October 18, 2019

Why Newspapers Can’t Be Relied on as Intelligent, Factual Source of Information

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DontUnderstandIt began this way. On April 4, 2014, Pulse published an article by Jim Lundstrum called, “Wolves at the Door.” That same day Jim Beers, a retired US Fish & Wildlife Service Wildlife Biologist, wrote a letter to the editor of the newspaper with a comment to make about the substance of the article, “Wolves at the Door.”

The entire back and forth between Mr. Beers and the newspaper editor would make a fantastic comedic routine for any pair of standup comics. The problem is, this actually really happened. Beers introduces the act this way:

Talking to a (WI) Newspaper about Wolves

The following interchange followed a Letter to an Editor regarding an article about wolves recently arriving in his popular and populous NE Wisconsin County, where one would (mistakenly evidently) assume a modicum of familiarity with wolves. It is enlightening for anyone dealing with wolves and the media. I say this not to impugn my skill or this editor’s response, but only to present this rare glimpse of what often is the case when we assume we are having a conversation that is merely gibberish, for whatever reason, to a listener. Jim

“Are you Druids?

When you quote a respected warden regarding wolves in Wolves at the Door, to wit “It comes back to, what can the landscape tolerate” you are simply using your human-owned newspaper to promulgate a secular animal rights’ belief to justify government force to oppress rural people with dangerous and deadly urban fantasies.

To paraphrase the good warden, wolf presence and tolerance “comes back to what those being forced to live with them can tolerate.” It is really quite simple and quite American, I might add.

Jim Beers
Eagan, MN
4 April 2014”

The editor of the newspaper writes back to Beers and says:

“I have no idea what you are implying. I can’t run a letter that makes no sense.”

Perhaps a bit frustrated or something more, Jim Beers makes another attempt at making his point:

I imply that you present the matter of the presence and abundance of wolves as only limited by what “the landscape” can tolerate.

What you publish is literally that human objections and perceived harm to human values are of no importance. In other words, humans and their objections are of less importance than the amount of food and surface conditions wolves encounter.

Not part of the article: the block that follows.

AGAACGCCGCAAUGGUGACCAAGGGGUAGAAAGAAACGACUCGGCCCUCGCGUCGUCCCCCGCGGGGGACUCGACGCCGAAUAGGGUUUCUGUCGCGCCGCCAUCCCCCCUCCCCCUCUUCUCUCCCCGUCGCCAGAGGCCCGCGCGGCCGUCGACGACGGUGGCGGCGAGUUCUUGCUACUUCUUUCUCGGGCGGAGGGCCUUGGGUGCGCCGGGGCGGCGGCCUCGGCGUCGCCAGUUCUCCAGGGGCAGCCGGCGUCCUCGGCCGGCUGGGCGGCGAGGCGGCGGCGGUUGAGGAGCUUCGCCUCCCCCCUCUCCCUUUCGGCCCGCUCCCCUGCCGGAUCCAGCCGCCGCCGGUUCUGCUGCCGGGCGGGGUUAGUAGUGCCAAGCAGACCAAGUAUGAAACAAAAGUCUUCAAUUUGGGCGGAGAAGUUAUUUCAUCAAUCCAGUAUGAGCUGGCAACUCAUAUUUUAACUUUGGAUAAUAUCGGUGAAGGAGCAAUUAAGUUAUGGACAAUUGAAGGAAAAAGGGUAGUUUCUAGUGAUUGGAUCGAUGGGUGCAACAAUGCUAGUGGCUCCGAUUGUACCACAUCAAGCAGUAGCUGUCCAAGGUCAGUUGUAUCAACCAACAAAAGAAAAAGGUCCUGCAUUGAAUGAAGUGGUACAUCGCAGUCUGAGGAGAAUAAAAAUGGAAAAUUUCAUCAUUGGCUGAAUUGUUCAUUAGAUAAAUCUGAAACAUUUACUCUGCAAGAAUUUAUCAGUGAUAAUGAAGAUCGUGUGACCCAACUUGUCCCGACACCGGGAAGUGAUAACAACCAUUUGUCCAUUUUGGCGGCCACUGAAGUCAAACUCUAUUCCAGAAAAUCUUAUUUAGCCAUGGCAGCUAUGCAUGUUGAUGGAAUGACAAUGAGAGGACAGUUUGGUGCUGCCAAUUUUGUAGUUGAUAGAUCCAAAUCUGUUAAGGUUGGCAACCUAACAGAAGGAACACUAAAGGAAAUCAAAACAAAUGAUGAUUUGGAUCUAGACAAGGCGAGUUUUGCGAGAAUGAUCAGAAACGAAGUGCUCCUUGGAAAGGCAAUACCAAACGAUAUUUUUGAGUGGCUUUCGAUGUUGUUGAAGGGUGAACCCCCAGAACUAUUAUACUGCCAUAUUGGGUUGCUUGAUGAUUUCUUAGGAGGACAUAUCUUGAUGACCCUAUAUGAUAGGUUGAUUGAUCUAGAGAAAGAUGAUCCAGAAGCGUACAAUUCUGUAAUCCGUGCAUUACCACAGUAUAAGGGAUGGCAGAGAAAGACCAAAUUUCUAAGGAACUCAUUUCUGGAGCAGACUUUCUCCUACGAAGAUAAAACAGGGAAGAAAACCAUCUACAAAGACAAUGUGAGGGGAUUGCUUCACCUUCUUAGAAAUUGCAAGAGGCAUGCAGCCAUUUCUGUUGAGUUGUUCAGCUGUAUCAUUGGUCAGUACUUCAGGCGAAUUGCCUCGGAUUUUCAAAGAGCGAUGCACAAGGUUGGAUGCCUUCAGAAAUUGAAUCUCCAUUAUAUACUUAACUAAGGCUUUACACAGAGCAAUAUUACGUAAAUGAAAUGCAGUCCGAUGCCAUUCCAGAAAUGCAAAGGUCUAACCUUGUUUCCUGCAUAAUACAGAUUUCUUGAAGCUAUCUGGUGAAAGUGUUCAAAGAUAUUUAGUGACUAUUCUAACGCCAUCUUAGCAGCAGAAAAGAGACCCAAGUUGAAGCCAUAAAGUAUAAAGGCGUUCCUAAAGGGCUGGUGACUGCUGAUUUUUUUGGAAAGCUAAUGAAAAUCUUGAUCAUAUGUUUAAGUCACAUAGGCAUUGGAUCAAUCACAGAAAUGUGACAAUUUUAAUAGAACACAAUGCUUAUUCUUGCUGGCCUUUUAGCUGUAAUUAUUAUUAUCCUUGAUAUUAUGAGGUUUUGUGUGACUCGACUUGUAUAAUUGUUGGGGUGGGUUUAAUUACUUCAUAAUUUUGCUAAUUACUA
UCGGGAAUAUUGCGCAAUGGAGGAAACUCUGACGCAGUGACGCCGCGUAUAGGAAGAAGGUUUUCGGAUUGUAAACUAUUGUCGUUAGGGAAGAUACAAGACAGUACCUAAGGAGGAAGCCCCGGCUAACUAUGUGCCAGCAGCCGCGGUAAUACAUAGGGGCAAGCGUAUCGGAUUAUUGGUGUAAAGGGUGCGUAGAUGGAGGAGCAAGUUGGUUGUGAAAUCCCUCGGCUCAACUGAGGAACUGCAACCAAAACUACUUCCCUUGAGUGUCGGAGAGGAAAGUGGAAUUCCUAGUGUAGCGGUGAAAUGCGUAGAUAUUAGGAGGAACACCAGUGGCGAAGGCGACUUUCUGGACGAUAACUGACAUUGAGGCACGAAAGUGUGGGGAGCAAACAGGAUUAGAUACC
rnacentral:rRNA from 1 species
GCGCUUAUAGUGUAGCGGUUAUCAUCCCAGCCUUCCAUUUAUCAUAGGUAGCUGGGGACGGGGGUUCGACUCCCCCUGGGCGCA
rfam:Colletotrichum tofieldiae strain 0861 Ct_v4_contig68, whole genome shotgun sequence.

This philosophical difference supports the value difference between us that establishes people like myself believing that the threats and harms from diseases, dog loss, livestock loss, game reduction and human safety concerns caused by wolves are not justifiable and others like Druids (?) or nature worshippers that believe that human enterprise and society like the rest of “the landscape” must and should adjust to whatever wolves cause much like, for example, what is happening to the Minnesota moose, European sheep flocks and The Northern Yellowstone elk herd thanks to wolves placed and protected by the force of government fiat.

I assume the warden’s job security is tied to such a statement and that your paper would only engender strong reactions from readers that obviously are not hosting many or any wolves to date and like other public factions from urban donors and environmental activists to bureaucrats and politicians whose families and livelihoods remain unaffected by what we are talking about here. It might be better stated (though more words) as:

When you report that a Wisconsin warden believes that the presence and abundance of wolves is limited only by “what can the landscape tolerate” you and he are legitimizing an environmental falsehood that dates back to ancient pagan nature worship. This justification for forcing wolves and their continued presence by government fiat on local communities where residents strongly object to them is greatly flawed because it treats human concerns as equal to or lesser than food availability and other survival conditions that affect wolves. Human concerns about wolves in settled landscapes are always superior to other factors. These concerns include but are not limited to, diseases and infections, livestock losses, dog losses, game herd reductions and most important the human safety of those forced to “live with wolves”.

To paraphrase the warden, wolf presence and abundance is ultimately limited only by “what those being forced to live with them will tolerate.”

It is really quite simple, quite sensible, and it reflects American traditional cultural values I might add.

To which the editor once again responded”

“Sorry. I still don’t get it.”

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